[ Parent ]
asdf (4.00 / 1)
This is by far the most insightful thing I have read during the whole campaign.

Two things (4.00 / 2)
a) Assuming you include MI and FL, there was still the outside argument that she could pull off a popular vote win. There were a snowballs chance, but still a chance. As a non supporter of Obama and Clinton, it was one I thought she should fairly have. Now, there's not even that. it's time for her to go, and time for site's like Talkleft and Mydd to stop poisoning the well.

b) Narratives change. When you asked what changed- the narrative did. I don't really get this post on that level. Is it a surprise that narratives don't always match facts? This post feels like gloat. I hope I am wrong. Gloating isn't what's needed now. Yes, you were right before everyone else or you knew it before everyone. So what?

well (0.00 / 0)
I am certainly anti-narrative, and precisely because it doesn't match the facts.

It isn't really gloating, though. I think it is mainly whining.  

[ Parent ]
whatever it is, it isn't very fruitful (0.00 / 0)
a better post might be on , if you were to ask me, "how can we bring the party together now that the race is over?"

[ Parent ]
Yes and no... (4.00 / 3)
Yes, the media coverage has been continuing this for no reason (as Rachel Maddow basically pointed out tonight... why would Clinton get out now?)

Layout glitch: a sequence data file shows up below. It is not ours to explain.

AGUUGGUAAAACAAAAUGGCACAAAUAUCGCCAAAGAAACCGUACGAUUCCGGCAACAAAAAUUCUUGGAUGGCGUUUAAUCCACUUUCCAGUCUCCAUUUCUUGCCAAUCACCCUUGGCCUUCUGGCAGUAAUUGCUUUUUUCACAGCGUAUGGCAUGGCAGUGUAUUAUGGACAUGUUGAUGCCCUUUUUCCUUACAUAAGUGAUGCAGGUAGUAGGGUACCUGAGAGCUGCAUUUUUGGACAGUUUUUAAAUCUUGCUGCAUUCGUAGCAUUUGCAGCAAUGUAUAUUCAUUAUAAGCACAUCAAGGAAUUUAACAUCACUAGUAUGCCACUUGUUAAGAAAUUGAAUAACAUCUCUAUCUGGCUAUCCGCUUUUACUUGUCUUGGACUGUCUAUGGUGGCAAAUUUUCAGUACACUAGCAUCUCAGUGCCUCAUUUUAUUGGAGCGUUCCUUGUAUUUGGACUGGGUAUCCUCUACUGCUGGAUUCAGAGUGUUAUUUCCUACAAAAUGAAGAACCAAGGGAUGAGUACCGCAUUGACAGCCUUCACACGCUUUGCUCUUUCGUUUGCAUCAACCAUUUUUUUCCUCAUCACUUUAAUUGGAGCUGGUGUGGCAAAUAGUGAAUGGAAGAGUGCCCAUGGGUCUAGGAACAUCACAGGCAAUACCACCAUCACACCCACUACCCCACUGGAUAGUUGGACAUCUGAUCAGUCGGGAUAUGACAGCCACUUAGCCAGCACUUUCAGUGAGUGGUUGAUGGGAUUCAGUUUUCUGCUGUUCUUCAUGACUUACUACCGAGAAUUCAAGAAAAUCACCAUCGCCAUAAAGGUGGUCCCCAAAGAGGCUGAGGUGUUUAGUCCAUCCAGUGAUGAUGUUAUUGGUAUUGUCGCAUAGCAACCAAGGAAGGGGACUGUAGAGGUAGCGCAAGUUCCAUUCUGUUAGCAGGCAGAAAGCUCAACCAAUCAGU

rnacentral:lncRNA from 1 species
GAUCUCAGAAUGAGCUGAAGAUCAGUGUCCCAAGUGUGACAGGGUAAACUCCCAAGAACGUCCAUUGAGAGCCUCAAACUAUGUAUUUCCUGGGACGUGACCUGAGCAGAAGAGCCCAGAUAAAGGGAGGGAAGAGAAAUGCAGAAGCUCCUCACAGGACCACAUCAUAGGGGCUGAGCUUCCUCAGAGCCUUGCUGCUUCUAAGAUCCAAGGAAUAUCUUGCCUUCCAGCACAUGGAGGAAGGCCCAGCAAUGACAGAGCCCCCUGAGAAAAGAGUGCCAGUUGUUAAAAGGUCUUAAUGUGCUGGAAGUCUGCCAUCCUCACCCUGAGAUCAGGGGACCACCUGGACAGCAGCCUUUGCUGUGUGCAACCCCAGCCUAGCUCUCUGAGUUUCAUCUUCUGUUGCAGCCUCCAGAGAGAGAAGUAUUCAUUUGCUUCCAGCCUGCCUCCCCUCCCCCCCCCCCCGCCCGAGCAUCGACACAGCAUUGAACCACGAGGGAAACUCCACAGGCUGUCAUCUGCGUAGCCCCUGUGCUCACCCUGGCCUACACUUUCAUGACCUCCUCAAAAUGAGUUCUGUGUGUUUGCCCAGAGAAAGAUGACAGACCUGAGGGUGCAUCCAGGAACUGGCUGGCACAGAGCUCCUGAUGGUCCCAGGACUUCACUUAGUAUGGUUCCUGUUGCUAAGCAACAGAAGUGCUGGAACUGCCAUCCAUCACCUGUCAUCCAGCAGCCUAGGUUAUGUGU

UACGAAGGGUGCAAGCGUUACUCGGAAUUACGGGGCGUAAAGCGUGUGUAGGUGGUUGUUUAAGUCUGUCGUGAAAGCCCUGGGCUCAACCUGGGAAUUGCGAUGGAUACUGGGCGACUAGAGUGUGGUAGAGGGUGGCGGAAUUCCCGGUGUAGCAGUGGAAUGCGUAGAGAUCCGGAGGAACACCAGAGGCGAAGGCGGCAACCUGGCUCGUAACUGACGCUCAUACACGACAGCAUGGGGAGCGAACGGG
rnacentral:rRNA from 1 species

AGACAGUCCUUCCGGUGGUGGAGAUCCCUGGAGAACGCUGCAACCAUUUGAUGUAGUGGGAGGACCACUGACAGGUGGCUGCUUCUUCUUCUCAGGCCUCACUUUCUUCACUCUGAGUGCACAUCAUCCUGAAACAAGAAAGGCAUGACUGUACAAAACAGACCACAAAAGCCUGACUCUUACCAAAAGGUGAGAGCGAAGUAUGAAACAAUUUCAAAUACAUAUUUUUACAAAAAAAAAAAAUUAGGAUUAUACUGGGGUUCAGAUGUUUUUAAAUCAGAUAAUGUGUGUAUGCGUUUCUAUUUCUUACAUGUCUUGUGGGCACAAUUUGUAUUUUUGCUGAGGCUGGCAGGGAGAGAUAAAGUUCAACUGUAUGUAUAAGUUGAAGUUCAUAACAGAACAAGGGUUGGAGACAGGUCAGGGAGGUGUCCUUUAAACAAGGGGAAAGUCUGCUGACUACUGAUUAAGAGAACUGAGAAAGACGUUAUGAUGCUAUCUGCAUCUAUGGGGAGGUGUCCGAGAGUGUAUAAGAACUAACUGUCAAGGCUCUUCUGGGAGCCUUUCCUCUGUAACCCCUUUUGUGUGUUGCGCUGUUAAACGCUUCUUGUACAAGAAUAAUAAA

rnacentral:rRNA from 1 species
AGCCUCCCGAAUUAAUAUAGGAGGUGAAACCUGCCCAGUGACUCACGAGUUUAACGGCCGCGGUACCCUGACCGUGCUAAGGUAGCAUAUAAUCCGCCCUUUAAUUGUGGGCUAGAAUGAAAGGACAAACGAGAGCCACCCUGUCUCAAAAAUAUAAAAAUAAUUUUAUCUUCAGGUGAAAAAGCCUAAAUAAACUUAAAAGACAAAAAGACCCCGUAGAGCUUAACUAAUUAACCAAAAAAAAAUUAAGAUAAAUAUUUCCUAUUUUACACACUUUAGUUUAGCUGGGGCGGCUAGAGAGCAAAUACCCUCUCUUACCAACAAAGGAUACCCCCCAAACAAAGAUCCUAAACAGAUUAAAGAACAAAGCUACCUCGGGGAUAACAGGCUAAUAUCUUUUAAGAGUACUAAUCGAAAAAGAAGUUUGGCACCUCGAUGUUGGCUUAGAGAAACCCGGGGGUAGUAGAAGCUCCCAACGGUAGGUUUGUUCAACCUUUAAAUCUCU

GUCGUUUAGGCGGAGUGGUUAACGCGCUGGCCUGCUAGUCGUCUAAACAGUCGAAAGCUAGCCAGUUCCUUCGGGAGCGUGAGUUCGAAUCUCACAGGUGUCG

BUT... the difference is, the media played up this primary as the LAST big primary of the election... her LAST chance to make a stand.  No, it didn't make much sense, but essentially, as you and others in the media have mentioned before, there are now more super delegates available than pledged delegates.  The race for pledged delegates is basically over with, and since this was the last one, when Obama did better than expected, that basically cinched it for the media.

So yeah, it's dumb... so agree with your overall analysis, but the fact that this was the last one and there are no more big nights(which couldn't be said pre-PA) means that the NC rout and slim loss in IN was big for Obama.

Well (4.00 / 6)
I can't speak for others but here was my personal thinking on the race, which has basically tracked the CW. Since Obama's string of victories in February he's been the clear and overwhelming frontrunner, with an insurmountable lead in the pledged delegate count. But Clinton always had a chance, even a decent chance. Her path to the nomination was two-fold. First, there was always the possibility that Obama, a very green and untested candidate, would self-destruct and implode at the hands of some scandal or gaffe. Second, there was the possibility that she could edge out Obama in the popular vote (perhaps including FL and MI) and then make the argument to the superdelegates that she could beat McCain and Obama would not. Both these paths were unlikely but clearly not impossible, and paths made significantly more plausible by Obama's troubles in March and April.